On the other hand, how's the rally part of the story? It's handled as a neat mix of slower-paced, calm driving when nothing much is happening, followed by scenes where something exciting happens, usually Gen having some trouble with a certain area of the course or him damaging his car in some fashion. Really, Gen and Rov (an obvious reference to actor Rob Lowe, and remember Dick Van Dyke?) take the major spotlight here, like when Rov realizes that Gen works with his own style of driving (instead of easy, medium, and hard, Gen prefers hearing Pine, Bamboo, & Plum, respectively, and Gen uses music to judge time), with Dick and Shin getting a little bit of focus here and there. There's also Hans Schultz, a member of the Toyota team, who is shown to be a rival-of-sorts for Gen in episode 1 but is mostly forgotten about in episode 2 as well as Josephine Polignac, or Cottie for short, an experienced female driver from the family Rokkouji is trying to get Seiou to team with, who befriends Gen but ends up being nothing more than an extra character in the OVA. I'm going to guess that this is more a case of the OVA skipping out on a few parts from the manga, combined with the fact that, from what I can tell, the manga shows off two more rallys (the Swedish and Olympus Rallys), so there's a good chance that some of these characters get a larger focus after the Safari Rally, and therefore come off as much more minor in the OVA. Still, the story that's told here is entertaining enough, and the ending is actually surprisingly somber.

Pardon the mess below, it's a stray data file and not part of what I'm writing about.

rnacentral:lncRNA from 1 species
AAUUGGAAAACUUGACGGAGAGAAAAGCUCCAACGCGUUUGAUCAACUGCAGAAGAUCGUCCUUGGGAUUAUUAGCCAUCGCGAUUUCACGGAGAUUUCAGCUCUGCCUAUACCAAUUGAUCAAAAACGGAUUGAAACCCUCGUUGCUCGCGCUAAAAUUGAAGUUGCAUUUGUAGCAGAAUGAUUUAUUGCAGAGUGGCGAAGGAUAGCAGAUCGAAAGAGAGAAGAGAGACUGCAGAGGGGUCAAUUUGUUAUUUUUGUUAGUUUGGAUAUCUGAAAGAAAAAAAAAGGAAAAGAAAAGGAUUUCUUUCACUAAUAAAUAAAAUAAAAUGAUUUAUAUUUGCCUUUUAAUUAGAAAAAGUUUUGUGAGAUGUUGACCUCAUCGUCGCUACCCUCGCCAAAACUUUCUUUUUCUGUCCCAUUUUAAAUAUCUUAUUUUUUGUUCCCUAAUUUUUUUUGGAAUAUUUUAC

Even though Studio Signal is effectively a no-name studio they do a great job with Goddamn, with the driving scenes having great motion and even the slower scenes looking really well done for an early-90s OVA. The character designs, animation direction, and overall direction were all handled by Noboru Furuse, who has worked on a few Lupin the 3rd TV specials, Urusei Yatsura, and, appropriately enough, the Bari Bari Densetsu anime and the first season of Initial D. Furuse obviously knows how to handle anime that involves vehicular racing, and that only helps Goddamn out. I can't find who did the music, but it works just fine in this OVA, though there's nothing truly memorable outside of what's used during the ending credits. Kouichi Yamadera voices Gen and does a great job making the character sound entertaining... Plus, he does a really good "goddamn!". The late Hirotaka Suzuoki voices Rokkouji in his usual-sounding voice, but that was his style and it usually worked out great. Ryusei Nakao (Mayuri in Bleach, Freiza in DBZ, Isami Nishimura in Touch) voices Rov and does a great job making him sound like the young, almost child-looking character he comes off as. Rounding out the cast is Masahi Ebara (Dick Van Dyke), Toshihiko Seki (Hans Schultz), and Yuriko Fuchizaki (Cottie) for the main cast, and overall it is a well-done production.
Goddamn is definitely a one-of-a-kind sports anime, since it deals with rally racing. Even though some characters don't get the same focus that they are indicated to get and the non-rally stuff isn't quite as entertaining the overall story is fun to watch and it delivers on more than just being a unique sports anime. It actually makes me want to check out the manga; totaling at only 5 volumes I really want to see what happens next in the story, especially considering how the Safari Rally ends. There are no scanlations for Goddamn, and I actually didn't even know of this title until a few days ago, but I can definitely say that I will never forget this title, if only because of it's memorable name and unique sport of choice. I do wonder if the licensing costs for this title would still be kind of high nowadays, though, since there are so many actual company logos and names in it (Toyota, Subaru, and Lancia are spoken heavily due to the teams' use of the cars, and the Ford & Marlboro logos are easily seen a good number of times), not to mention that the actual World Rally Championship/WRC is used as the organization behind the rallys in the anime... Not that I see this OVA ever being licensed, but it just makes me wonder. Anyway, Goddamn is definitely worth checking out; the name alone will catch your interest, but the actual subject matter will keep you entertained.